Proud of our new Irish who bring life

Proud of our new Irish who bring life

The symbiosis between Catholicism and nationalism in Nineteenth Century Ireland was vital in shaping the movement towards self-determination. It was a hugely unifying factor in the founding of the new Free State and overcoming the trauma of the Civil War – whatever our difference on the national question, we worshipped at the same altar every Sunday morning.

The 1932 Eucharistic Congress was surely the culmination in that hand-in-glove relationship between Church and State, and generated a level of enthusiasm among Irish people that has few real parallels. The sheer scale of the event bore striking testimony to the pride in identity, both national and religious, which patently guided the hundreds of thousands of people who participated.

Yet our history probably blinded many to the fact that Catholicism and nationalism have always been – and should be – very uneasy bedfellows. After all, universalism is at the very heart of the Gospel which naturally relativises national identity.

We would do well to keep this in mind as a new form of ethnonationalism emerges that seeks to associate Irishness with Catholicism. The irony, of course, is that many of the self-described patriots who are standing up for Ireland’s identity as a ‘Catholic country’ are not exactly to the fore in the reform and renewal of their local parishes.

If they were present in their local parishes, they would see that the ancient Faith in the ‘land of saints and scholars’ is being renewed by a commitment and fervour that puts many of us to shame.

The so-called ‘new Irish’ are bringing life and vibrancy to many of our tired parish structures. Priests will often tell of how inspired and renewed they are in their own vocations by new Catholic communities from places as diverse as Timor-Leste, India, Nigeria, The Philippines, Brazil, Chile, Croatia and Poland.

In our capital city, Mass is now celebrated in almost two dozen languages as our newcomers show a hunger and thirst for the Gospel that many native Irish people evidently no longer experience. In the latest episode of The Confession Box podcast, Bishop Paul Dempsey speaks of his pride at the vibrancy newcomers are bringing to our parishes (see news pages).

The recent all-Ireland national rosary rally at Knock Shrine was notable for the fact that many of the participants were not from traditional Irish backgrounds. As coaches arrived at the national Eucharistic and Marian shrine earlier this month, it was a real and telling example of a Biblical vision of the Church as coming “from every nation, tribe, people and language”.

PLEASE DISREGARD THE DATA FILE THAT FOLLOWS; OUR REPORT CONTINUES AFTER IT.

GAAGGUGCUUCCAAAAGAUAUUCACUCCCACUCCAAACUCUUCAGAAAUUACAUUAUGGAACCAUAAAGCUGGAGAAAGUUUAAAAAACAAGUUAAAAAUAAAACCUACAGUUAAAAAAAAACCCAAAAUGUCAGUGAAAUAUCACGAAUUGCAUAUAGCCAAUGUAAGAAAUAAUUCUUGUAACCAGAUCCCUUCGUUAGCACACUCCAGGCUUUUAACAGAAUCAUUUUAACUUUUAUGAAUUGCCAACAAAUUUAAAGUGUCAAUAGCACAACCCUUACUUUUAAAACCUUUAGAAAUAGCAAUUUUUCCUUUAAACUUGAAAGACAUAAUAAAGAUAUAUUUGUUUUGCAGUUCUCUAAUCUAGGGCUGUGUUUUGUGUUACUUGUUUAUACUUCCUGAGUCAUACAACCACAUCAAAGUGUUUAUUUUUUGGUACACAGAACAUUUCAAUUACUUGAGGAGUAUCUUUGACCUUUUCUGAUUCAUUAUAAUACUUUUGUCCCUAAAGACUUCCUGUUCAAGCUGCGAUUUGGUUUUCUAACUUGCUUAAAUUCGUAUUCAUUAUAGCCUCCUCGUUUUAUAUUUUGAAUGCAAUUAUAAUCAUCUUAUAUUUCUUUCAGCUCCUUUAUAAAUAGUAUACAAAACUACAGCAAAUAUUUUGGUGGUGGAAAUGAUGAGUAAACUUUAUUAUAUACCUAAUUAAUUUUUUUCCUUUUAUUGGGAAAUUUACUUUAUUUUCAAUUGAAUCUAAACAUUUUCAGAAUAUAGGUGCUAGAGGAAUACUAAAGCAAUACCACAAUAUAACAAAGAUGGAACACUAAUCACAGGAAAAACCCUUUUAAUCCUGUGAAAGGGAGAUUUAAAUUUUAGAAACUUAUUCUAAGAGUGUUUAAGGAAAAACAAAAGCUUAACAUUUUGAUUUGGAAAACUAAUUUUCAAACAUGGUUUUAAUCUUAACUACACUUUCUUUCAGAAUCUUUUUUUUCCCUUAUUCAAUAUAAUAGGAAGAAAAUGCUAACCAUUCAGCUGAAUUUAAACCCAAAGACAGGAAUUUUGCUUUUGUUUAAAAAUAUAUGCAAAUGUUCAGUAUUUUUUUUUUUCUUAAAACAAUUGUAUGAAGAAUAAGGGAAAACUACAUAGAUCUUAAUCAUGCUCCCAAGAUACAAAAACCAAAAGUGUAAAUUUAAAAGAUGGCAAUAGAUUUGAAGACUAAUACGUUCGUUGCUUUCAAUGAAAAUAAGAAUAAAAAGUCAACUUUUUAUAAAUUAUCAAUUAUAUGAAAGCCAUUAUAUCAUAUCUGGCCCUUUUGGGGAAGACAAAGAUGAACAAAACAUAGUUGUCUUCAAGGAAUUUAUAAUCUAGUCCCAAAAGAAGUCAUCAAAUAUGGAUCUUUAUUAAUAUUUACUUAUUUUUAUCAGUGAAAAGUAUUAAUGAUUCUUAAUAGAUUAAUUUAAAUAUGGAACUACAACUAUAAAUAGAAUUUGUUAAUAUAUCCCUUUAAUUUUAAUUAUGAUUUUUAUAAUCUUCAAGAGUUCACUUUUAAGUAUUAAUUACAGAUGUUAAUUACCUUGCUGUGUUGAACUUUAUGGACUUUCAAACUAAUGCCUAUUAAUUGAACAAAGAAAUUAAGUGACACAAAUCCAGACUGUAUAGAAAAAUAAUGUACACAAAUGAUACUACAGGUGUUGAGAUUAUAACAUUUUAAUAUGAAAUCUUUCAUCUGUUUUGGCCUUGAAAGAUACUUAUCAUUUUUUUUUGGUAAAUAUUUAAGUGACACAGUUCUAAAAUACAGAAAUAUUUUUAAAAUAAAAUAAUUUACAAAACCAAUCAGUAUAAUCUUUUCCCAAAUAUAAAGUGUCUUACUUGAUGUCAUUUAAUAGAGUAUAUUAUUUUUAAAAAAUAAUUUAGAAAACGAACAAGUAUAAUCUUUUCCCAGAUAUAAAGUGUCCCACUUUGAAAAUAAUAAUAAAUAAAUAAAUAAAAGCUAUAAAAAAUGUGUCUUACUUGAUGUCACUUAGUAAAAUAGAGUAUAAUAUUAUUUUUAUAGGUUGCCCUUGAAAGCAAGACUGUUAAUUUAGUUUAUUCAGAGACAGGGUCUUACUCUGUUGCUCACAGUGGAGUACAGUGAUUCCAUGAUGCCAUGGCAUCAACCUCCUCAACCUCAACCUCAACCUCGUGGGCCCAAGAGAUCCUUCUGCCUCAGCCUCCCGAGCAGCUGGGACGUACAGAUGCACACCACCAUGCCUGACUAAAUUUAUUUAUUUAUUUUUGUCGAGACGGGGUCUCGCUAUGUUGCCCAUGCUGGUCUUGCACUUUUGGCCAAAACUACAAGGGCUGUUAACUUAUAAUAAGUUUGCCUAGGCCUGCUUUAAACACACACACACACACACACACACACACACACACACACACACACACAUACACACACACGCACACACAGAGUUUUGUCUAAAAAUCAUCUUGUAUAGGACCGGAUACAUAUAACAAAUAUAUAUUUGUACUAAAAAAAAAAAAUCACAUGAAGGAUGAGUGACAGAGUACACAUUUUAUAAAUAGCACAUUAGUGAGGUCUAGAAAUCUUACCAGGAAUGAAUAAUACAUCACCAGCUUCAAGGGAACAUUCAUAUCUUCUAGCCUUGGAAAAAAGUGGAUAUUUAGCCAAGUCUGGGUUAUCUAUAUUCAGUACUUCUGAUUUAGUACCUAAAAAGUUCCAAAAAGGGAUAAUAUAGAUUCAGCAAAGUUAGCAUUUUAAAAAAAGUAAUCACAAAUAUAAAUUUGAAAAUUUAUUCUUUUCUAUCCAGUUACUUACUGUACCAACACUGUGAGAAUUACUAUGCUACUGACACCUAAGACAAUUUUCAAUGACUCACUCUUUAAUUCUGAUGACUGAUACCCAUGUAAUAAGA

Pope Francis often talks of his vision of a humble Church which can receive as well as to give. This is the model of the Church that we need in Ireland as we approach the 1,600th anniversary of when that great foreigner-turned-Irishman Patrick brought to the Faith in 432. That anniversary will be marked in 2032, just five years after the bicentenary of Catholic Emancipation.

There is much to reflect upon in these important anniversaries, not least the deep roots of the Faith on this island sealed in the blood of the martyrs. But, like the Israelites in the Hebrew Scriptures, we would do well to remember that the Promised Land is always in the future – our greatest days were not in the past, despite the splendour and wonder of events like the 1932 Eucharistic Congress.

In Church history, there are always what one could describe as ‘source Churches’. Ireland was such a Church in the aftermath of the Dark Ages, this was true also of the Nineteenth Century as the great powers scrambled for Africa, saintly Irishmen and women left these shores to bring the light of the Gospel.

We are no longer a source Church – and we must have the humility to see that God constantly renews his Church in ways that once seemed unimaginable to us.

A narrow nationalism that would seek to exclude people from our parishes based on where they were born or the colour of their skin will only see parishes wither further. But even more, such views are sinful and profoundly unchristian. Such thoughts have no place among the followers of Jesus.